Category Archives: Canadian Designers

Fashion Post Quarantine

By Dale Peers
Fashion is a reflection of zeitgeist and our current zeitgeist has undergone a paradigm shift. This pandemic has impacted lives globally and it continues to do so as we begin the process of emerging from quarantine.
We have seen after each major political, social, economic event in the past century a shift, an alteration, an influence on design and fashion. What will the impact of Covid 19 be on fashion?
Here are a few thoughts:

Comfort conformity

After weeks of “dressing” in our most comfortable of clothes will we be able to give up the softness of sweats, the cosiness of pjs, the luxury of shoelessness? “Athleisure” has been a fashion trend for the past few years and as we have found in video conferencing the need to dress up for work might have been reserved for the news/reporters we saw broadcasting from their home offices. But, were they secretly wearing the most comfortable “pants” they owned and which we would never see (unless they inadvertently forgot to close their video screen and got up from their desk!)?
Will comfort be acceptable in the new work world? 30 days is supposedly the length of time it takes for us to fully embrace a new habit. After nearly twice that time we are likely fully entrenched in a wardrobe that was previously reserved for Sunday mornings. Although we may want to get back to our place of work will we be able to remember how to dress according to a business code?

Full Frontal Formality
Or, have we had enough of schlepping around the house in those clothes. Are we so done with them that when firepit bands are lifted we will happily burn them?!
Will we want to look good and feel professional when this is over? Looking the part is advice that has long been given to the person who is being interviewed or the professional looking to climb a corporate ladder.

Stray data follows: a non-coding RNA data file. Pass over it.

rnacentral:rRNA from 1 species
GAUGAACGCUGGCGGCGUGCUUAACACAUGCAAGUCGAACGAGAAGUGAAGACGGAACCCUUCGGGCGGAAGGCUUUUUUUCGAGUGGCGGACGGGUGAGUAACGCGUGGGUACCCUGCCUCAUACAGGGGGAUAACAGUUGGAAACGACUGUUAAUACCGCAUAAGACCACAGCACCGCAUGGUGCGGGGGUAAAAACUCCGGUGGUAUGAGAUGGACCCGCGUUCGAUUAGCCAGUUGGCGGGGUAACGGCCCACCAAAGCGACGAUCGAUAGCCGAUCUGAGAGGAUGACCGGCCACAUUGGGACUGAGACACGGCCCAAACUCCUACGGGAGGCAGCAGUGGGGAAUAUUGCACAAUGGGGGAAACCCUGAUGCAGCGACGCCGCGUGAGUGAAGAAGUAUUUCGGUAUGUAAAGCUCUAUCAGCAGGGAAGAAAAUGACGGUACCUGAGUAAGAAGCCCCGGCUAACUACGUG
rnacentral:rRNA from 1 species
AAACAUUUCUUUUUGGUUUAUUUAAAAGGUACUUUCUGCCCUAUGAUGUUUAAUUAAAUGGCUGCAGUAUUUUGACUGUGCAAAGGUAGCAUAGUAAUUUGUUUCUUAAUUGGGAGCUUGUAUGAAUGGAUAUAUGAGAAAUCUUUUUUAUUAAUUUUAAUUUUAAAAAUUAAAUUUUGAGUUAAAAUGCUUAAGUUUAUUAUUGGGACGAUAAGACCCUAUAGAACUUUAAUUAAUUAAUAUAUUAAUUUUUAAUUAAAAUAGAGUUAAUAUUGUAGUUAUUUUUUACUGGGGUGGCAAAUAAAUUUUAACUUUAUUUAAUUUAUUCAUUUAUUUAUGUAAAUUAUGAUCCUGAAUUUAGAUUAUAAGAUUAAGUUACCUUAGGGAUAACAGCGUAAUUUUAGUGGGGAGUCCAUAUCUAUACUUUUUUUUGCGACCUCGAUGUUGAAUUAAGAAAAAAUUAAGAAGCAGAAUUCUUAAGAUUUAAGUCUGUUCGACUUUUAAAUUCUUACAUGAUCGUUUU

While “Casual Fridays” were a non-monetary perk for office workers when economic downturns occurred the practice of dressing down began to be questioned when people wondered whether true professionals, especially those working in financial institutions and legal arenas would be perceived as capable if they dressed so casually. And so, the upswing back to sartorial elegance began when those in upper management positions began again to dress more appropriately.
We have all watched the impact the pandemic has had on the economy. People may again consider whether there is a relationship between their financial advisor’s ability and her appearance. How casually dressed do you want your banking professional to be?
Our prime minister and premier show up for those daily reports in shirts, ties and suits. Their appearance says just how serious these days have been. They tell us not only in words that are to engender confidence but, in their appearance as well. They are serious about what we all need to do and look it.

Facial Masks and Makeup
We have already seen the necessity of wearing masks. These face coverings will become a new and necessary accessory and I have to wonder what that will mean to the beauty industry. The “lipstick” theory was one that explained the importance of this product on moral. It was deemed to have such an incredible impact that metal lipstick tubes were one of the few metal items that were exempt from rationing in the second world war.
Lips are now hidden behind masks and while these will become a new niche in the fashion accessory market they are not conducive to the wearing of lipstick. But, will eyes now become more than just windows to the soul? Will the beauty market place even more attention on eye shadow, liner, lashes and brows?

Proudly Patriotic
If there is one element of this pandemic that I hope will be fostered and strengthened by governments and consumers alike it is Made in Canada. Many politicians have praised our home grown entrepreneurs, designers, and manufacturers for stepping up, changing their production lines and creating the PPEs and hand sanitizer so desperately needed by our front line workers.
Clearly it is possible to design and manufacture in Canada. While we don’t need to become completely xenophobic the time has come when we need to respect the ingenuity of our people and the quality of the products that we can produce. There will be many people needing employment. There will be many opportunities to produce what we need and as patriots and consumers we can support these companies and our country.

Stay well and stay safe!

Claire Haddad: A Canadian Fashion Icon (1924-2016)

Claire Haddad (1924-2016)

Claire Haddad (1924-2016)

By Dale Peers